Parents of nine freshmen at Cherry Hill High School East say an English teacher has been harassing and bullying their children, in part by making racially charged remarks.
District officials say they are investigating the allegations by the parents, who have submitted a complaint to school officials accusing Kimberly Real of creating a hostile educational environment.
During one vocabulary lesson in February, the parents allege, Real said to students, "What's so bizarre about a black man going to jail?"
Six parents raised the issue at a school board meeting Tuesday, asking members to add language to the district's anti-bullying policy regarding behavior by staff members. School officials said the policy already applies to staff.
Real, who is named in the complaint, which one of the parents shared with The Inquirer, did not respond to requests for comment.
Of the 11 students remaining in the honors class, nine are not white, said Susan Levy Warner, whose daughter is in the class. The class originally had between 21 and 25 students, according to the complaint.
The Cherry Hill School District student body is 65 percent white. Nearly 17 percent of students are Asian, while about 9 percent are African American and 8 percent are Hispanic, according to district statistics.
Warner said the parents do not know why other students were allowed to transfer while their children were not. A district spokeswoman referred a reporter to a policy on dropping classes and transfers. The policy says changes out of honors classes must be made during or shortly after the first marking period.
Other statements that troubled the parents related to gender - "If women were in charge of this world, we'd be a lot better off" - and to the intelligence level of the students.
Pointing to a female student, according to the complaint, Real said, "This girl isn't capable of writing."
She also told students, "A good essay shouldn't make me want to hurt myself or you," and, "I'm the best, you guys are stupid," according to the complaint.
Reviewing the statements, "some of them by themselves, you would say, this isn't so egregious," Warner said. Over time, however, repeated derogatory remarks have made students anxious and afraid, Warner said.
"They can't speak up. They can't ask questions. They're afraid of being publicly insulted," she said. "It's the collective insults that have created this ominous atmosphere."
Warner said she became concerned about Real's teaching style in February, after her daughter, who had been complaining about the class and acting anxious, broke down one night crying and said she had been offended by statements Real made in class.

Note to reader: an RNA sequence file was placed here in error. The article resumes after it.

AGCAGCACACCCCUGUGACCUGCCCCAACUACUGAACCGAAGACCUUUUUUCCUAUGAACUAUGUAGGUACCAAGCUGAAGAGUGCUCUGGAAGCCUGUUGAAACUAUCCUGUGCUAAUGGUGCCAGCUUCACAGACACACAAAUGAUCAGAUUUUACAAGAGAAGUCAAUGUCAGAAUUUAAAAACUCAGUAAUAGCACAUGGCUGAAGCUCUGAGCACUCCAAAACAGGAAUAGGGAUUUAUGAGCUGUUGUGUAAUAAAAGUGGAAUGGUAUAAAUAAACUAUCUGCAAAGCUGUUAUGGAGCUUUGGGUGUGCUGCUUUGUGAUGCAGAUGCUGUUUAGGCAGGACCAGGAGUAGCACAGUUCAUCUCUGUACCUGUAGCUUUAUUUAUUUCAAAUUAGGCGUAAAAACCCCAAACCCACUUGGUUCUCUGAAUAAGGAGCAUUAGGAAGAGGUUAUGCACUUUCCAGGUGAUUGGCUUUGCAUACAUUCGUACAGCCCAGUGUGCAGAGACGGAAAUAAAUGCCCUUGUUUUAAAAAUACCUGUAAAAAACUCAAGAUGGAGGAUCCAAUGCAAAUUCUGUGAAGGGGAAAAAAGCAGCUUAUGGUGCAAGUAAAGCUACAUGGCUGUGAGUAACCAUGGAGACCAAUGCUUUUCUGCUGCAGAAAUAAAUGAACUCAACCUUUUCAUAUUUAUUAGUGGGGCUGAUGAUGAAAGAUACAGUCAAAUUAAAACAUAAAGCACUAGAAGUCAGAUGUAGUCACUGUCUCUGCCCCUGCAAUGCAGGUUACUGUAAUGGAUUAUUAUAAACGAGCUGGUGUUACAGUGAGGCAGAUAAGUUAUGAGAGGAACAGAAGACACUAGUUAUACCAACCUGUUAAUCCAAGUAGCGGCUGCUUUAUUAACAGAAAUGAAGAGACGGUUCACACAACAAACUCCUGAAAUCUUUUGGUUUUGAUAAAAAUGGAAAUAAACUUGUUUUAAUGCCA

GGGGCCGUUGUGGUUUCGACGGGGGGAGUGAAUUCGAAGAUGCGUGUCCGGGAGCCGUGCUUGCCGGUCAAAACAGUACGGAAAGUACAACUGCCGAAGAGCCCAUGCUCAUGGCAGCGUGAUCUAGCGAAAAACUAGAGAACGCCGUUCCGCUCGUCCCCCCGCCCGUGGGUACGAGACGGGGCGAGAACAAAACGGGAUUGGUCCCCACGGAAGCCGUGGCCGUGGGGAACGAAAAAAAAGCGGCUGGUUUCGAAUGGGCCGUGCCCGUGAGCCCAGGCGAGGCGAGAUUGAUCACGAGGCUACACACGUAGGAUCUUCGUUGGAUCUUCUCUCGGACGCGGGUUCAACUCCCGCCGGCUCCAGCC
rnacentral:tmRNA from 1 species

Warner said she contacted Real about her concerns but was not satisfied with the response.
Another parent, Karlyn Williams, said she also reached out to Real, asking how to help her son, who had been struggling in the class.
Williams, who had been pushing her son to work harder, said Real told her he needed to ask for help.
Williams' son, however, told his mother he had already asked, she said. His grades, normally A's or B's, had dropped dramatically, and he told his mother he felt overwhelmed.
Williams said she became more concerned when she got a call from Warner several weeks ago and learned other children were struggling academically and emotionally.
"I didn't know all the other children were crying," she said. "That's when you know there's a problem."
As parents prepared to meet, Williams said, she asked her son what Real had done that upset him.
Her son said a student in the class had mentioned the O.J. Simpson case and called it atypical. He said Real responded, "What's so atypical about a black man being tried for murder?" Williams said.
Williams' son, who is African American, told his mother that he was hurt by the remark but didn't speak up.
"For me, that is crossing the line," Williams said.
She said she asked other parents whether their children had heard the statement, and "everyone confirmed that it was said."
"We're very careful," Williams said. "We make sure we're not putting ideas in their heads."
The parents contacted East principal John O'Breza on March 4. The school district received a formal complaint on March 13, said spokeswoman Susan Bastnagel.
The district's affirmative action officer - guidance director Jim Riordan - as well as high school and central administrators are investigating the complaint, Bastnagel said.
She would not address Real's employment status.
Martin Sharofsky, president of the Cherry Hill Education Association, the union that represents district teachers, said Wednesday that he was aware of the complaint. Asked whether the association was representing the teacher in an investigation, Sharofsky said, "I don't know that an investigation has been started."
Bastnagel would not comment on the time frame of the district's investigation.
In their complaint, parents asked the district to remove Real from the class for the rest of the year. They also asked for an independent assessment of the students' work and the instruction delivered to date.
Parents also asked the school board Tuesday to post the form required to report bullying allegations online; to clarify procedures for investigating the allegations; and to specify that staff are also subject to the district's anti-bullying policy.
School Board President Kathy Judge told the parents that the board would respond to their requests later.
The parents are looking for assurance that procedures exist to raise concerns about harassment by staff, Warner said.
"There's no clarity over how these kinds of issues are addressed," she said.
Contact Maddie Hanna at 856-779-3232 or firstname.lastname@example.org.